Australia and New Zealand have both just ruled out the option of pursuing a central bank digital currency (CBDCs) – at least for now.
In a speech on Tuesday, Tony Richards, head of the payments policy department of the Reserve Bank of Australia (RBA), said while his institution feels there is little demand for a CBDC, should the public move to adopt a new e-money in numbers, there could be "significant implications for the bank's financial stability mandate."
Richards – who explained that he has owned bitcoin and used it in retail transactions since 2014 – further argued that the cryptocurrency also still has "structural flaws" that put limitations on its potential. He continued to say that "the scalability and governance problems of the bitcoin system" put it far behind traditional payment methods such as Visa.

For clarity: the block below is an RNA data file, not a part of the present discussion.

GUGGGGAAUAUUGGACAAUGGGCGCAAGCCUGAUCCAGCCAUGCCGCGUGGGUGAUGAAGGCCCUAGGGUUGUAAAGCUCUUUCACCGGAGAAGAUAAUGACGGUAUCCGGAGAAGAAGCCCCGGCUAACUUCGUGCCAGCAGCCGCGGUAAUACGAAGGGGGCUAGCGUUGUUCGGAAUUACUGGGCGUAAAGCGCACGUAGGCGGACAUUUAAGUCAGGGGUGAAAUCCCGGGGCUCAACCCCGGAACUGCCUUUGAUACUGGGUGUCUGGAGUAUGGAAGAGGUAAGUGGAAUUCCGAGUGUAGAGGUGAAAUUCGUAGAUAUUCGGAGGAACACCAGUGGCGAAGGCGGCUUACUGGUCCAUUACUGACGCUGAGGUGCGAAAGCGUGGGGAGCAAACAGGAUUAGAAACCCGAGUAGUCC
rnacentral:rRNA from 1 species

"The transaction fees and the queue of unconfirmed transactions [during the December 2017 price peak] raise the broader question of how well bitcoin (and other cryptocurrencies) perform when we look at the key attributes of money – namely that it should represent a store of value, a medium of exchange and a unit of account. Here, I think there is fairly substantial agreement."
Subsequently, he reiterated the RBA's stance that issuing a central bank digital currency – or an "eAUD" as the bank's governor Philip Lowe called it in a previous speech – is not necessary within the existing financial system.
Taking a similar tone, Geoff Bascand, governor of the Reserve Bank of New Zealand, also argued in a speech today that a central bank-issued cryptocurrency would not be financially stable given its existing scalability constraints and lengthy transaction confirmation process.
"At this stage it is yet to be seen that a central bank digital currency will bring conclusive benefits. ... Currently, it is too early to determine whether a digital currency should be issued," Bascand argued.
RBA image via Shutterstock
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